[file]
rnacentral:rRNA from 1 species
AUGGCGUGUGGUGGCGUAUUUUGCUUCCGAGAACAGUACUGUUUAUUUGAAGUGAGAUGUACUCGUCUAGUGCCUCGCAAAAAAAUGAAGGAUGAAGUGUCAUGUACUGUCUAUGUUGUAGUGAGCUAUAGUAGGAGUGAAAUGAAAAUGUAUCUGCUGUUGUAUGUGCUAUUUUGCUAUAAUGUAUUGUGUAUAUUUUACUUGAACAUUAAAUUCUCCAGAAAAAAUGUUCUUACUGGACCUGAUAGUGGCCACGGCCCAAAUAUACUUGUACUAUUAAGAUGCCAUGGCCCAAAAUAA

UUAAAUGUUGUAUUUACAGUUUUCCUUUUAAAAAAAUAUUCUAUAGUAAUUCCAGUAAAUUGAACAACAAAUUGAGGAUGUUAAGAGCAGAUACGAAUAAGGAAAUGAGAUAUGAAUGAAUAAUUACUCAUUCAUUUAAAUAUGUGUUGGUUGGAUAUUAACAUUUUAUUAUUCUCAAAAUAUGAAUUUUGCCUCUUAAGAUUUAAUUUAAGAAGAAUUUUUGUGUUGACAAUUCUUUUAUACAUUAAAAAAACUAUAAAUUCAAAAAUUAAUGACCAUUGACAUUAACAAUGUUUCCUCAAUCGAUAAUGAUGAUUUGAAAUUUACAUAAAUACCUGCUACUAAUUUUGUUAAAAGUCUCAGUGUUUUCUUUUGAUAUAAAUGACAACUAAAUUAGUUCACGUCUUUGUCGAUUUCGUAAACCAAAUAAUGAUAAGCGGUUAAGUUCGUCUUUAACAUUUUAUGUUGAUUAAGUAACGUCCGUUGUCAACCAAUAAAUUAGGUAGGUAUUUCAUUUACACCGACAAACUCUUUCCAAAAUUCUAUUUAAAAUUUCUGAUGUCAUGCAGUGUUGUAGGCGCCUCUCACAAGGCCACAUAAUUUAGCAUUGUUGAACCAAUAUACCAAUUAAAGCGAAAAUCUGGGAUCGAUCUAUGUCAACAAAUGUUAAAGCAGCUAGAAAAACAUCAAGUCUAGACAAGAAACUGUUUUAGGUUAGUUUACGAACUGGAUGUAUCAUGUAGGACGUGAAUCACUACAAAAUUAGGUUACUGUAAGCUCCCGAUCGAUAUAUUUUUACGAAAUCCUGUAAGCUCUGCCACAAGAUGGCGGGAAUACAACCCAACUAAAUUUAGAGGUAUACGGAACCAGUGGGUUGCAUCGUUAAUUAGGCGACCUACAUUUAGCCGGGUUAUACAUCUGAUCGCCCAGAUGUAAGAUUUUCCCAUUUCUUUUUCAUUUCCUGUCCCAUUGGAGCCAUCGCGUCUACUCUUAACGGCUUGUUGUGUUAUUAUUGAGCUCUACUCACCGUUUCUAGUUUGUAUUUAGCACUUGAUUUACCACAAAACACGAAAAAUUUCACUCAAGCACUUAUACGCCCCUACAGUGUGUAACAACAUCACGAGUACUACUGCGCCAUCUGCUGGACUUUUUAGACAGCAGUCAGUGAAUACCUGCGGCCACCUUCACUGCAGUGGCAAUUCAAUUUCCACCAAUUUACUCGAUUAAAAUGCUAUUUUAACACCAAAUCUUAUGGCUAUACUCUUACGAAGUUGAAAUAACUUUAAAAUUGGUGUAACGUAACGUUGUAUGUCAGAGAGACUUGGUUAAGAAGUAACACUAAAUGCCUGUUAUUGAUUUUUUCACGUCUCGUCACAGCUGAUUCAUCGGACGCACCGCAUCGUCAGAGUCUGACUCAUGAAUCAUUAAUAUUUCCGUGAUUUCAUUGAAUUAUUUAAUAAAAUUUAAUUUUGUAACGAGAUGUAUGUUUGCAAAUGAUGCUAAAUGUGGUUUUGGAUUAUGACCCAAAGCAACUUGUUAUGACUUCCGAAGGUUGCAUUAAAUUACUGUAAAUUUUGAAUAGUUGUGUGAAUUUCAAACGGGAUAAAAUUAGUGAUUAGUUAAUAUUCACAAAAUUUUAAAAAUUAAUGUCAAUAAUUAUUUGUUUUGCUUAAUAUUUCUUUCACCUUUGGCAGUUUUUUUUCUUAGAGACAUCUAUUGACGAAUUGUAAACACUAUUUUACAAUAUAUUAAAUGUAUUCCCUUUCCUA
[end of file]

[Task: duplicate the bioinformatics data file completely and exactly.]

rnacentral:rRNA from 1 species
AUGGCGUGUGGUGGCGUAUUUUGCUUCCGAGAACAGUACUGUUUAUUUGAAGUGAGAUGUACUCGUCUAGUGCCUCGCAAAAAAAUGAAGGAUGAAGUGUCAUGUACUGUCUAUGUUGUAGUGAGCUAUAGUAGGAGUGAAAUGAAAAUGUAUCUGCUGUUGUAUGUGCUAUUUUGCUAUAAUGUAUUGUGUAUAUUUUACUUGAACAUUAAAUUCUCCAGAAAAAAUGUUCUUACUGGACCUGAUAGUGGCCACGGCCCAAAUAUACUUGUACUAUUAAGAUGCCAUGGCCCAAAAUAA

UUAAAUGUUGUAUUUACAGUUUUCCUUUUAAAAAAAUAUUCUAUAGUAAUUCCAGUAAAUUGAACAACAAAUUGAGGAUGUUAAGAGCAGAUACGAAUAAGGAAAUGAGAUAUGAAUGAAUAAUUACUCAUUCAUUUAAAUAUGUGUUGGUUGGAUAUUAACAUUUUAUUAUUCUCAAAAUAUGAAUUUUGCCUCUUAAGAUUUAAUUUAAGAAGAAUUUUUGUGUUGACAAUUCUUUUAUACAUUAAAAAAACUAUAAAUUCAAAAAUUAAUGACCAUUGACAUUAACAAUGUUUCCUCAAUCGAUAAUGAUGAUUUGAAAUUUACAUAAAUACCUGCUACUAAUUUUGUUAAAAGUCUCAGUGUUUUCUUUUGAUAUAAAUGACAACUAAAUUAGUUCACGUCUUUGUCGAUUUCGUAAACCAAAUAAUGAUAAGCGGUUAAGUUCGUCUUUAACAUUUUAUGUUGAUUAAGUAACGUCCGUUGUCAACCAAUAAAUUAGGUAGGUAUUUCAUUUACACCGACAAACUCUUUCCAAAAUUCUAUUUAAAAUUUCUGAUGUCAUGCAGUGUUGUAGGCGCCUCUCACAAGGCCACAUAAUUUAGCAUUGUUGAACCAAUAUACCAAUUAAAGCGAAAAUCUGGGAUCGAUCUAUGUCAACAAAUGUUAAAGCAGCUAGAAAAACAUCAAGUCUAGACAAGAAACUGUUUUAGGUUAGUUUACGAACUGGAUGUAUCAUGUAGGACGUGAAUCACUACAAAAUUAGGUUACUGUAAGCUCCCGAUCGAUAUAUUUUUACGAAAUCCUGUAAGCUCUGCCACAAGAUGGCGGGAAUACAACCCAACUAAAUUUAGAGGUAUACGGAACCAGUGGGUUGCAUCGUUAAUUAGGCGACCUACAUUUAGCCGGGUUAUACAUCUGAUCGCCCAGAUGUAAGAUUUUCCCAUUUCUUUUUCAUUUCCUGUCCCAUUGGAGCCAUCGCGUCUACUCUUAACGGCUUGUUGUGUUAUUAUUGAGCUCUACUCACCGUUUCUAGUUUGUAUUUAGCACUUGAUUUACCACAAAACACGAAAAAUUUCACUCAAGCACUUAUACGCCCCUACAGUGUGUAACAACAUCACGAGUACUACUGCGCCAUCUGCUGGACUUUUUAGACAGCAGUCAGUGAAUACCUGCGGCCACCUUCACUGCAGUGGCAAUUCAAUUUCCACCAAUUUACUCGAUUAAAAUGCUAUUUUAACACCAAAUCUUAUGGCUAUACUCUUACGAAGUUGAAAUAACUUUAAAAUUGGUGUAACGUAACGUUGUAUGUCAGAGAGACUUGGUUAAGAAGUAACACUAAAUGCCUGUUAUUGAUUUUUUCACGUCUCGUCACAGCUGAUUCAUCGGACGCACCGCAUCGUCAGAGUCUGACUCAUGAAUCAUUAAUAUUUCCGUGAUUUCAUUGAAUUAUUUAAUAAAAUUUAAUUUUGUAACGAGAUGUAUGUUUGCAAAUGAUGCUAAAUGUGGUUUUGGAUUAUGACCCAAAGCAACUUGUUAUGACUUCCGAAGGUUGCAUUAAAUUACUGUAAAUUUUGAAUAGUUGUGUGAAUUUCAAACGGGAUAAAAUUAGUGAUUAGUUAAUAUUCACAAAAUUUUAAAAAUUAAUGUCAAUAAUUAUUUGUUUUGCUUAAUAUUUCUUUCACCUUUGGCAGUUUUUUUUCUUAGAGACAUCUAUUGACGAAUUGUAAACACUAUUUUACAAUAUAUUAAAUGUAUUCCCUUUCCUA